More bounced cheques if practice decriminalised, says Mashreq Bank CEO
The number of bounced cheques would rise if the UAE decriminalised the practice because citizens would not be so careful. That is the view of Abdul Aziz Al Ghurair, the CEO of Mashreq Bank.
In an interview, Al Ghurair argued that the UAE would be wrong to decriminalise bounced cheques -a move it is considering through the introduction of a new law to mitigate the risk of bankruptcy. On July 7, media reported that a draft law on financial regulation and bankruptcy had moved a step closer to being enacted after it was approved by the country's cabinet.
The new rules aim to "regulate accumulated debts, ease restructuring of companies and support troubled businesses", UAE Prime Minister and Ruler of Dubai, Sheikh Mohammed, was quoted as saying.
But Al Ghurair said bounced cheques at present constitute a negligible proportion of the total number of cheques issued in the UAE - around 4 percent, he claimed.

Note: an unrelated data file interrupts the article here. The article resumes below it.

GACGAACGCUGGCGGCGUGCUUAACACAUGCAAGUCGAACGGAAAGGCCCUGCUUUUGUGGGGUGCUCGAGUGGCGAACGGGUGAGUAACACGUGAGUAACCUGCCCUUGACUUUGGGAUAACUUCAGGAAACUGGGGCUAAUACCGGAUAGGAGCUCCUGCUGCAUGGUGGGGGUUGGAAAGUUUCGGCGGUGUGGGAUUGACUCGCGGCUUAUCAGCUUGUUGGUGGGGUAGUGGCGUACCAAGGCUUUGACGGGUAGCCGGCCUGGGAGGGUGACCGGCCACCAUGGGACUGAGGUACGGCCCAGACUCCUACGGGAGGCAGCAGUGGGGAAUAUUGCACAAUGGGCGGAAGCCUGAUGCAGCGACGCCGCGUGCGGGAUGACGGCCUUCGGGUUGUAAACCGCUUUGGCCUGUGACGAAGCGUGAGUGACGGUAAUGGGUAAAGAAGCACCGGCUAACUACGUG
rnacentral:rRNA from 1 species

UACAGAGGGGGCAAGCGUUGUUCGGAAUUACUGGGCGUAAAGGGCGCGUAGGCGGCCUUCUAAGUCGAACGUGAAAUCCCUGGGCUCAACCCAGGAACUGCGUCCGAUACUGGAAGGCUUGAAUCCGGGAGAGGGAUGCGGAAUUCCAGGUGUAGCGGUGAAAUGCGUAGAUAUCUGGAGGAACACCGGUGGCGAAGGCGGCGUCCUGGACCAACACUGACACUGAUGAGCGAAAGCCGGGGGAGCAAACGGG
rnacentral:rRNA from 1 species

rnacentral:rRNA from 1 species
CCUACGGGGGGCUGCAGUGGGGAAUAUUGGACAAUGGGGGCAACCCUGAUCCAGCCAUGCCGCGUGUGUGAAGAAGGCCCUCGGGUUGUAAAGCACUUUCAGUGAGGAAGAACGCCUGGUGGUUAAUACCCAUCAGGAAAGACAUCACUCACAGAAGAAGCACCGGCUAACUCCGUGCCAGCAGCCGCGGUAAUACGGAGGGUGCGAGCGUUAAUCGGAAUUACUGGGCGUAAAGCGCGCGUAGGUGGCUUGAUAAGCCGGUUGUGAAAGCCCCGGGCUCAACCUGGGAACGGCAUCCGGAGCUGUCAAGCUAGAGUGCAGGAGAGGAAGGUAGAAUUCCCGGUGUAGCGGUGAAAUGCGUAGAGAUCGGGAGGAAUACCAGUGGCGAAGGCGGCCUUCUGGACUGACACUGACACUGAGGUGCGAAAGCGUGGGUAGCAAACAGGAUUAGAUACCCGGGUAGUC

"The government keeps talking about this, but I think we over-exaggerate the significance of a small number of cheques bouncing on the wider economy. "Let me give you some statistics. In 2014, 32 million cheques were issued [across the UAE], totalling AED1608 billion. Bounced cheques constituted around 4 percent of this, which is about AED1.3 million. So it's not huge."
Cheques bounce for several reasons: because the signature doesn't match; the issuer has written the wrong date, or, in around 1 percent of cases, because the issuer has insufficient funds in their account. This is a small proportion but one that would increase if legalised, Al Ghurair argued.
"People wouldn't take enough care. And it would change people, the way they work, they way they do business.
"[For example], if I was a landlord, when you come to me with your cheque I'd say, ok I'll give you one month's lease; I'm not going to give you a year. The tenant would say, but I've already bought these curtains, but I say no, I don't know if you are going to honour your commitment. "The tenant says, I promise to pay you, but later he says sorry [he cannot, and the cheque bounces]. And then what? It takes me a year to get you out of your apartment; I have to go through this lengthy legal process, and I'm still out of the money